|We’re in the middle of Maine’s traditional October archery deer season right now and already I’ve had several interesting experiences. It all reminds me of why I love (and hate) bowhunting for whitetails, but of course I continue to go each year because October in Maine means bowhunting.
My first encounter with an archery deer took place on my first day out, and of course it all happened quickly and, of course, the deer won! I was hunting on the edge of a huge briar patch where deer spend their days bedded in safety. Back in July I had wandered through the area and had snipped a few branches and twigs out of the way in order to create a nearly invisible winding trail that I (and the deer) could use to navigate through the dense cover. Just prior to the season opener I found that several deer had been using the trail, so I was confident that I’d see something during the opening week.
Well, I was right about that, to a point. I came in along the trail about two hours before dark and had reached my secret spot in plenty of time to get ready for the afternoon’s hunt. I was set up in a place where I could see the trail exit into the open woods, an easy 20-yard shot. I’d gotten to my spot, had put my pack and bow down to start getting organized and was just pulling on my face mask and gloves when I happened to look up and saw a nice, fat doe standing in the thicket just inside the trail I’d just come from!
She hadn’t seen me but she was alert and scanning the woods around her. I had no recourse but to just stand there and wait for her to move. I was hoping she’d continue in my direction where, a few yards away, a screen of trees would give me time to pick up my bow, nock an arrow and get ready to shoot.
Of course, the doe had other plans. To my surprise, she just stood there staring into the woods, and then, also to my surprise she simply backed up and disappeared on the trail. I have never seen a deer walk backwards before but she simply crawdadded out of there and was gone not even breaking a twig in the process!
I quickly got ready and waited for her to return but, sadly, I didn’t see another thing that day.
Next time out I got to my spot much earlier and was ready to go well ahead of time. I didn’t want to be too late this time, and in fact I got there in plenty of time for the next frustrating scenario that is so typical of October archery deer hunting.
Sometime well before dusk I heard some movement on the high ground above me and, sure enough, a nice 8-point buck appeared at the crest of the ridge. The animal was walking slowly and didn’t seem to be on alert, so I just drew my bow and waited patiently for him to move into range. He was about 50 yards out and I needed him to be within 30 yards before I’d try loosing an arrow at him.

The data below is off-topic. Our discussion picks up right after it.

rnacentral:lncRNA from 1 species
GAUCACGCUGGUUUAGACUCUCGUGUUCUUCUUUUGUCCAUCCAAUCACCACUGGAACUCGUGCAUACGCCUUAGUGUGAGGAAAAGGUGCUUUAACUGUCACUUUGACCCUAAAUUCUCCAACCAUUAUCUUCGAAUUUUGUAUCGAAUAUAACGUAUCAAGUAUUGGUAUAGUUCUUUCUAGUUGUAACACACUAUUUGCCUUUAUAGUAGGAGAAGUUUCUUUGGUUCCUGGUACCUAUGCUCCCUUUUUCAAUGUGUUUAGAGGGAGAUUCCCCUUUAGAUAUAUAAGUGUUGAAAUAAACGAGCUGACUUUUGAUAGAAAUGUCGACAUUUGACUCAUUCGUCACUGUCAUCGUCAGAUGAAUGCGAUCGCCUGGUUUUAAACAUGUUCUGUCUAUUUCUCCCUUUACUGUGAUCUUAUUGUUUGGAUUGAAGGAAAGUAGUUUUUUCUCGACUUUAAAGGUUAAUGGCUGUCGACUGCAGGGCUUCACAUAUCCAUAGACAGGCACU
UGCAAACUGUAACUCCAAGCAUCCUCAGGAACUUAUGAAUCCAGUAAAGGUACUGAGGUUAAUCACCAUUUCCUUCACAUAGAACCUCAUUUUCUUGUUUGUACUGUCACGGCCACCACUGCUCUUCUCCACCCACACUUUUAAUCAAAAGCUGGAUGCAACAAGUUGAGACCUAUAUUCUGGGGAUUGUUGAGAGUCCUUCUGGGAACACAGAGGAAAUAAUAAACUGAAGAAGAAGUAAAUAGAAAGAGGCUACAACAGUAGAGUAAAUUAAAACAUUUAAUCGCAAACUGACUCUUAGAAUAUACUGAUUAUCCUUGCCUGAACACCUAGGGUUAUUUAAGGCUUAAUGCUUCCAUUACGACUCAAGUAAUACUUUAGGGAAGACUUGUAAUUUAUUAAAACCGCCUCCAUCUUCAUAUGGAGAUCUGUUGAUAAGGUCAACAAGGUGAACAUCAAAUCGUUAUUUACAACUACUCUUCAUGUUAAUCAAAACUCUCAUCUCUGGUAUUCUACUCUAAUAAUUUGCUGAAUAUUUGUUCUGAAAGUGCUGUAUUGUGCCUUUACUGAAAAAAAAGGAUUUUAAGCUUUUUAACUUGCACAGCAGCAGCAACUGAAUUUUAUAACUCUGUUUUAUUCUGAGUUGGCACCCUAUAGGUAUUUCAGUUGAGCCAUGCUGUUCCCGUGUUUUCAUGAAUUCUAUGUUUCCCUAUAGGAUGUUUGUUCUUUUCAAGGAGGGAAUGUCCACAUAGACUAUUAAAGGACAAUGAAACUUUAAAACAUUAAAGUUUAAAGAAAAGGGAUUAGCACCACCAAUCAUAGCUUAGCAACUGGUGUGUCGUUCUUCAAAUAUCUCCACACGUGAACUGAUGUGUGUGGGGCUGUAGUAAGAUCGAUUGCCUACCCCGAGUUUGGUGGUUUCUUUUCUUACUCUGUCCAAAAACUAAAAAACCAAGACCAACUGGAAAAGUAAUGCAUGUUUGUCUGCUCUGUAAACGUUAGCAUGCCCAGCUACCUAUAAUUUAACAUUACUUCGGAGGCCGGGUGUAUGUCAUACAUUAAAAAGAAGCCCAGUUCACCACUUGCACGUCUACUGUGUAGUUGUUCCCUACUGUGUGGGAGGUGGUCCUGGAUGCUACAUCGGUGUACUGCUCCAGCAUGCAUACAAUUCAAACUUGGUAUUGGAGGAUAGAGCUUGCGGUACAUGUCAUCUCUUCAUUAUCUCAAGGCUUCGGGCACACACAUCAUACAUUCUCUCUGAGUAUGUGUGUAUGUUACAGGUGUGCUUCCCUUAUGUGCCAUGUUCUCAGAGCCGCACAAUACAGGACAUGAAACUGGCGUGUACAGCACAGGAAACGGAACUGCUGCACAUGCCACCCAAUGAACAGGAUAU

I was all set to shoot and he was closing the distance to the point where I was preparing to take careful aim at him when, out of nowhere, an arrow flashed over his back. Another hunter was on the ridge above me and I didn’t even know it! The buck flinched and trotted a step or two, and then stopped to look around. Another arrow zipped past him, this time too far in front. I held my aim but the deer was still 10 yards too far and just then a third arrow flicked by him! The unseen hunter tried one more time and missed, and the buck simply wheeled and bounded back to the crest of the hill, tail up and obviously suspicious.
Seconds later an arrow clattered past him from the other direction apparently there were two hunters on the ridge and both were shooting at the buck! Two, three and then a fourth arrow sailed harmlessly past the deer, which finally took the hint and walked away right over the ridge through some open hardwoods! I expected him to come my way and dive into the thick brush behind me but as usually happens, the deer had other plans.
I stayed put as the two hunters came down from their tree stands, met on the ridge and discussed their bad luck. They did not see me and, as darkness fell, they headed out to the road and back to their vehicles.
I stayed in the woods till I couldn’t see my sight pins, and then headed back down my trail to the woods road beyond. I met one of the hunters on the way out and asked if he’d seen anything.
“Nope, not a thing,” he lied. I did not really expect him to tell me he’d shot at a nice buck four times, but it was interesting that he said he hadn’t even seen a deer! I suppose he didn’t want to tip me off to his secret spot, but of course I already knew his secret!
I went back to the spot the next day but the two errant archers had brought three other bowhunters with them, so I backed out of the place and hunted elsewhere. I would have liked to have had my turn at the buck, but I don’t like crowds in the woods, and five hunters on one little ridge is too much company for me!
On one trip I tried using a folding deer decoy (just to see if it worked) and was amazed to find that the squirrels in the area not only saw it immediately but also did not like it! Five noisy little tree rats ganged up on the decoy and barked incessantly at it, to the point that I finally folded the thing up and ditched it. That silenced the squirrels but had no effect on the deer and I went home empty-handed again!
Next week: More bowhunting adventures and details about Steve’s new deer-hunting book! Don’t miss it!